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Concert Review

Trudy Kane’s gracious musicianship in the spotlight in Frost farewell recital

Mon Sep 17, 2018 at 12:23 pm

By Lawrence Budmen

Trudy Kane performed a farewell recital at the Frost School of Music Sunday at Gusman Hall.

Trudy Kane performed a farewell recital at the Frost School of Music Sunday at Gusman Hall.

After more than three decades as principal flute of the Metropolitan Opera Orchestra, Trudy Kane joined the faculty of the University of Miami’s Frost School of Music in 2009. In the past near-decade, she has been an invaluable member of the Frost roster of resident musicians.

Kane’s solo performances have been distinguished, none more so than her world premiere of Ellen Taaffe Zwilich’s Concerto Elegia in 2015 with Thomas Sleeper and the Frost Symphony Orchestra. Her arrangements of orchestral works for flute ensemble have proven delightful and she has been a strong asset to Miami’s freelance orchestral pool.

Kane is retiring at the end of the current school year. On Sunday afternoon she presented a farewell recital at Gusman Concert Hall on the Coral Gables campus. True to form, Kane offered two hours of splendid musicianship and diverse repertoire, joined by three faculty members taking turns at the keyboard.

Philippe Gaubert’s charming Sonata No. 3 opened the program. Kane launched the opening Allegretto with full and vibrant tone that flowed through the hall with the airy excitement of the first rustle of spring. She sustained long phrases seamlessly as if in one breath. The main theme of the Intermède pastoral is sensuous, almost impressionistic and Kane’s ability to make her instrument sing in almost vocal terms was fully displayed. Here she was elegantly partnered by Frost dean Shelly Berg who sensitively conveyed Gaubert’s relaxed keyboard lines. In the finale, Kane deftly negotiated the wide, quick leaps up to the flute’s top register.

Requiem Milonga by Valerie Coleman, UM Frost’s newest faculty member, is an atmospheric, haunting vignette that speaks with an aura of sadness. A flutist and founder of the Imani Winds, Coleman captures the instrument’s full spectrum of range and colors. She was masterfully accompanied by Santiago Rodriguez who brought a fine affinity for Coleman’s rhapsodic idiom.

Kane’s transcription of Lensky’s aria from Tchaikovsky’s Eugene Onegin was based on Leopold Auer’s violin version. Tchaikovsky’s melancholy melody works wonderfully on the flute and the extra flourishes Kane appended in the central section added extra spice.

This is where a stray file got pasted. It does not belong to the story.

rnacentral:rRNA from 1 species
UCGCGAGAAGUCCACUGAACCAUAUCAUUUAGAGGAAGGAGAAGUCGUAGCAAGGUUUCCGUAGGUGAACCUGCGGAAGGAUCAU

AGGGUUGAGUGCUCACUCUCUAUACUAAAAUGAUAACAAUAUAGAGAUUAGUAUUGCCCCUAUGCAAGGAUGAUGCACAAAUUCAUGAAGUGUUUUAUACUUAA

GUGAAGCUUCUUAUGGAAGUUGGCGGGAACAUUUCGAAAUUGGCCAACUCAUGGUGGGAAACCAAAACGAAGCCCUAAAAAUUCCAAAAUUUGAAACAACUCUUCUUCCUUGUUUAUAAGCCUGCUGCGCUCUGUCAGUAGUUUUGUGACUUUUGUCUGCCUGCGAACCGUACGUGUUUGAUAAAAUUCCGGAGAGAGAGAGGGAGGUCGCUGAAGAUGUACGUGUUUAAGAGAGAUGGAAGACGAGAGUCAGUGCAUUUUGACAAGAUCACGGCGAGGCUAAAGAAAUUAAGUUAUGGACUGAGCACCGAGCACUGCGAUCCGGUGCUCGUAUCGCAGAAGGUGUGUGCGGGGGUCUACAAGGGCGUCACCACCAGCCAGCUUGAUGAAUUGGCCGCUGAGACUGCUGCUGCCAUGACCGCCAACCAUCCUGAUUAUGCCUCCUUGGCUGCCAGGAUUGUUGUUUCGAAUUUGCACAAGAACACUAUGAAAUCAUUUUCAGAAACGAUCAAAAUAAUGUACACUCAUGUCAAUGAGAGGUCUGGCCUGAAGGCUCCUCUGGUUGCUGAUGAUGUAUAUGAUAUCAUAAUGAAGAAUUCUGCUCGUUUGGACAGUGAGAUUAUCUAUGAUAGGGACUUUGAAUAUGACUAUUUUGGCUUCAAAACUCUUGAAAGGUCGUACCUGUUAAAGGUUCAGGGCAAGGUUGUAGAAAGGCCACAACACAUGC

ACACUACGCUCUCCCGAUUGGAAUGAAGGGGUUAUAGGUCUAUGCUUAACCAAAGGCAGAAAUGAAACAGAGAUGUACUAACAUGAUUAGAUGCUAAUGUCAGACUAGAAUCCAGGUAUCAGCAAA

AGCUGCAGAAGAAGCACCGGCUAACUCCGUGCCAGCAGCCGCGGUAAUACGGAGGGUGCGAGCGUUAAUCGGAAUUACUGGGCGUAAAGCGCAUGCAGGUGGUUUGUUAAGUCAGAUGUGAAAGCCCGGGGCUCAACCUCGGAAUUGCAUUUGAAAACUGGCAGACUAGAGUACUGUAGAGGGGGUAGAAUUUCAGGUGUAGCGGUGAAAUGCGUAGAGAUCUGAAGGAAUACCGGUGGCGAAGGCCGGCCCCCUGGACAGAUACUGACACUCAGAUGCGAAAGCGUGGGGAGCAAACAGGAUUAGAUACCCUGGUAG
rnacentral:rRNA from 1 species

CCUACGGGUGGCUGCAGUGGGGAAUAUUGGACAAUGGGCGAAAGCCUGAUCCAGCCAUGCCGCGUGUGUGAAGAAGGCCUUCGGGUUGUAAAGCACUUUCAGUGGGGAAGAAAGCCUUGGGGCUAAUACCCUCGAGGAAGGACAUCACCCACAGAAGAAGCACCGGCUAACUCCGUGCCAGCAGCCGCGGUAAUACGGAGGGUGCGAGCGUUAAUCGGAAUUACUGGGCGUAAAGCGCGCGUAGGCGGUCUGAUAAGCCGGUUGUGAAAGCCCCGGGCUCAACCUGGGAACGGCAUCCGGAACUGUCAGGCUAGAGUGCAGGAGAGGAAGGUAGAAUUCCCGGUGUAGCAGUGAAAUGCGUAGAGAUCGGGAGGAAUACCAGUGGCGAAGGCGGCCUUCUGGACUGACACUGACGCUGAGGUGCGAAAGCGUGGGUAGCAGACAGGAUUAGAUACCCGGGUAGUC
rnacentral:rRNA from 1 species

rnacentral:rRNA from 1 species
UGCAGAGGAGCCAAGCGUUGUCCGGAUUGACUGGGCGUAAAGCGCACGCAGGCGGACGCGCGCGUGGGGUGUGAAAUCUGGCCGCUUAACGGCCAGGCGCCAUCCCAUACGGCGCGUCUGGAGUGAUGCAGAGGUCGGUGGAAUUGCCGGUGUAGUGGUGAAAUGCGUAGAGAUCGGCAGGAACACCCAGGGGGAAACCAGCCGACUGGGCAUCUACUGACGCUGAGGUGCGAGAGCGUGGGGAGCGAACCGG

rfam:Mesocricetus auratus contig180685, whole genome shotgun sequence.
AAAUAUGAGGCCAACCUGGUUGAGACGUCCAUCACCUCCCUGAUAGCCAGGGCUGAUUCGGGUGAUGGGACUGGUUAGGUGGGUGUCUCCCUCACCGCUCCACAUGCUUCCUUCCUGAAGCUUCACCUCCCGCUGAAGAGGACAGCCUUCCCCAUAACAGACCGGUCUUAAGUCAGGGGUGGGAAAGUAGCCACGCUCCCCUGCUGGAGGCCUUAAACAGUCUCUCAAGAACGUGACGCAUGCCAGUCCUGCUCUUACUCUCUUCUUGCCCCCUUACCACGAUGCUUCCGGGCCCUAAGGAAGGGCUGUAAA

Rachmaninoff’s Vocalise is almost a natural for solo flute. Kane’s beautiful shimmer of tone was exquisitely spun and Rodriguez, an outstanding Rachmaninoff interpreter, was in his element as well. The pianist was also impressive in a flute version of the Andante from Rachmaninoff’s Cello Sonata. Yet while the brooding, very Russian melodies work nicely on the wind instrument, something essential is lost without the depth of the cello’s low sonority.

Kane devoted the second half of the concert to the music of Gabriel Fauré. In Morceau de Concours, she brought out the score’s songful elements while adroitly handling the technical hurdles Fauré conceived for flute students at the Paris Conservatoire.

Kane’s transcription of Fauré’s Violin Sonata in A Major was nothing short of a revelation. The initial Allegro molto found the sonorities and hues of Fauré’s writing superbly matched to the instrument’s palette. Kane reinvented the work as a great flute vehicle, commanding technique while maintaining a mood of agitated lyricism. She managed to play even in the flute’s highest reaches without the sound becoming piercing.

The quietude of the Andante was traversed in an unhurried manner. Kane sparkled in the rapid thematic fragments of the Allegro vivo, tempered by a touch of whimsy. In the opening flights of the Allegro quasi presto finale, her stylistic acuity and sense of musical enchantment took full wing. Oleksii Ivanchenko capably partnered Kane in the Fauré works.

A standing, cheering audience repeatedly recalled Kane to the stage and ten of her students presented her with flowers. As an encore Kane and Ivanchenko offered a transcription of Fauré’s song Apres un reve (After a dream), sensitively rendered. Kane’s pedagogical skills, finely honed performances and warm, gracious stage presence will be greatly missed.

Photo: Ed Freedman

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